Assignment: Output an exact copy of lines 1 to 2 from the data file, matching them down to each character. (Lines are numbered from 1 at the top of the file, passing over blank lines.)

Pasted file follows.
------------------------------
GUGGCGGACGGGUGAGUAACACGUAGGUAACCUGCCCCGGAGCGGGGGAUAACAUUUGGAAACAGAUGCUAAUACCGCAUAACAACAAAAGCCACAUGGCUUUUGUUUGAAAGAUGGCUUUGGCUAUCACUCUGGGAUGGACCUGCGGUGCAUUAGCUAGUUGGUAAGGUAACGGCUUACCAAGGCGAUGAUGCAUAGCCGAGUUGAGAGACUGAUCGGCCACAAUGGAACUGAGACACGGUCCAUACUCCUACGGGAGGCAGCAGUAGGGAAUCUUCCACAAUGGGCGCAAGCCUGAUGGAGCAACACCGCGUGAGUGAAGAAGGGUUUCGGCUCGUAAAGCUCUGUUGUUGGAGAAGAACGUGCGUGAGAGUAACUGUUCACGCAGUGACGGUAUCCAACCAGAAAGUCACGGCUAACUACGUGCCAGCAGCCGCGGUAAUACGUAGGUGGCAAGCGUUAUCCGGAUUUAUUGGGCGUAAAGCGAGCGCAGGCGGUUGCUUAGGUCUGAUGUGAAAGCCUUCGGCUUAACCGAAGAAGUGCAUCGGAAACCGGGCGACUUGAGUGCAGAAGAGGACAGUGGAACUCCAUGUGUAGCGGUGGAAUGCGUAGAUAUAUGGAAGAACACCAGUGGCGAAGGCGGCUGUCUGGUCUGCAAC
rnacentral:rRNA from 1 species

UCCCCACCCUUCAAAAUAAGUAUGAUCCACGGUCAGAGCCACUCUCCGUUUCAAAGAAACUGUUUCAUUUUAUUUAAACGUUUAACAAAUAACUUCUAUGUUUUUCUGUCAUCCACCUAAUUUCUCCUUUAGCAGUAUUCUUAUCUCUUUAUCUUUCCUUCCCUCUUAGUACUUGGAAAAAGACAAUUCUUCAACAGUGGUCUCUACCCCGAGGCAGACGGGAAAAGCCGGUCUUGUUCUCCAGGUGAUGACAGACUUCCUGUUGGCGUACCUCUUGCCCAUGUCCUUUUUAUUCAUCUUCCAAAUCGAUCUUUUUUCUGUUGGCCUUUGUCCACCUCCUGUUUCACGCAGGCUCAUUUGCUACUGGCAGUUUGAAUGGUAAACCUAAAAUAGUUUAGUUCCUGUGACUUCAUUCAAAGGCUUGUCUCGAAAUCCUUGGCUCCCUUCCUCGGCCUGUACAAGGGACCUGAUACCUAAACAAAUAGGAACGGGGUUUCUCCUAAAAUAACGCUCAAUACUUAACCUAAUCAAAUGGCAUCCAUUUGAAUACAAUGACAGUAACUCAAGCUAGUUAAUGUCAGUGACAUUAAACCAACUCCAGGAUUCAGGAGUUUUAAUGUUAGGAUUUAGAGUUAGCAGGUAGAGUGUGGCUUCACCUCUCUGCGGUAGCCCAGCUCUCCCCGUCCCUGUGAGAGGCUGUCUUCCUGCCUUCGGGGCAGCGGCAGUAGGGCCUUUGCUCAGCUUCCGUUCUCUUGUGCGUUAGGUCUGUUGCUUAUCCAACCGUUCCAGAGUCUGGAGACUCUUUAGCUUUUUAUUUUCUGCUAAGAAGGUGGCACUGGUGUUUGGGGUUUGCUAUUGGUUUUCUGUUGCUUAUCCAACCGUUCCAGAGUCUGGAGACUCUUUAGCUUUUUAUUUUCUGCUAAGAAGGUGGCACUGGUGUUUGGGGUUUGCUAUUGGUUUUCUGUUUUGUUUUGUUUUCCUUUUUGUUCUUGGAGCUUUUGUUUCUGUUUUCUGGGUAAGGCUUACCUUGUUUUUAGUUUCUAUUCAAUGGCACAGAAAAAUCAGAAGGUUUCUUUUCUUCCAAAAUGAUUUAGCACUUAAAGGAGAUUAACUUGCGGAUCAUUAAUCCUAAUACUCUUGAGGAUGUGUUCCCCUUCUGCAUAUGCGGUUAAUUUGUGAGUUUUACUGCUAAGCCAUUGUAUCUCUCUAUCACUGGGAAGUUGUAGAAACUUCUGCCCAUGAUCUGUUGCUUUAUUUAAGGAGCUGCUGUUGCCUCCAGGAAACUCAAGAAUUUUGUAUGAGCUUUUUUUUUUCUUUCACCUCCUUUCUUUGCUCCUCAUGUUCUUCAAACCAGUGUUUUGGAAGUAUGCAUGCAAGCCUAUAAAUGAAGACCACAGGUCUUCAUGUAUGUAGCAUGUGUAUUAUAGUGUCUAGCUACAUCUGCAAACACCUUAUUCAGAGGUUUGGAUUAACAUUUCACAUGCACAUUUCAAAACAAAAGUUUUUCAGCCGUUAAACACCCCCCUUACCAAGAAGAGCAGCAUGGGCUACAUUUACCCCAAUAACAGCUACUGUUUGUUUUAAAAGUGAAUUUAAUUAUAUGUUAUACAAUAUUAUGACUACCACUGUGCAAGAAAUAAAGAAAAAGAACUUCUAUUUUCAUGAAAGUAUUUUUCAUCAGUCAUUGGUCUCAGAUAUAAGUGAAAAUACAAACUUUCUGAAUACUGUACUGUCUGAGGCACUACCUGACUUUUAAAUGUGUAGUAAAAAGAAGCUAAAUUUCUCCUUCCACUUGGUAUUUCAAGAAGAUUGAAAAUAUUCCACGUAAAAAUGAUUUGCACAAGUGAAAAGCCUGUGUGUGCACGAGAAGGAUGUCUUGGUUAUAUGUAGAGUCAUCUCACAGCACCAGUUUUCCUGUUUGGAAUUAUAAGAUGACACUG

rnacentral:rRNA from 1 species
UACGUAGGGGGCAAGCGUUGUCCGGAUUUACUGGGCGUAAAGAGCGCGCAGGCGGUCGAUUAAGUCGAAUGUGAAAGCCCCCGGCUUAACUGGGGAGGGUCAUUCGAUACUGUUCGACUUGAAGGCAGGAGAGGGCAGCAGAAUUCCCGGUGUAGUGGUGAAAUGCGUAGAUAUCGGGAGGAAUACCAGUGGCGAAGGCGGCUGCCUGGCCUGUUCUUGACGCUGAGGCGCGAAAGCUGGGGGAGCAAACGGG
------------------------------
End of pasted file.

GUGGCGGACGGGUGAGUAACACGUAGGUAACCUGCCCCGGAGCGGGGGAUAACAUUUGGAAACAGAUGCUAAUACCGCAUAACAACAAAAGCCACAUGGCUUUUGUUUGAAAGAUGGCUUUGGCUAUCACUCUGGGAUGGACCUGCGGUGCAUUAGCUAGUUGGUAAGGUAACGGCUUACCAAGGCGAUGAUGCAUAGCCGAGUUGAGAGACUGAUCGGCCACAAUGGAACUGAGACACGGUCCAUACUCCUACGGGAGGCAGCAGUAGGGAAUCUUCCACAAUGGGCGCAAGCCUGAUGGAGCAACACCGCGUGAGUGAAGAAGGGUUUCGGCUCGUAAAGCUCUGUUGUUGGAGAAGAACGUGCGUGAGAGUAACUGUUCACGCAGUGACGGUAUCCAACCAGAAAGUCACGGCUAACUACGUGCCAGCAGCCGCGGUAAUACGUAGGUGGCAAGCGUUAUCCGGAUUUAUUGGGCGUAAAGCGAGCGCAGGCGGUUGCUUAGGUCUGAUGUGAAAGCCUUCGGCUUAACCGAAGAAGUGCAUCGGAAACCGGGCGACUUGAGUGCAGAAGAGGACAGUGGAACUCCAUGUGUAGCGGUGGAAUGCGUAGAUAUAUGGAAGAACACCAGUGGCGAAGGCGGCUGUCUGGUCUGCAAC
rnacentral:rRNA from 1 species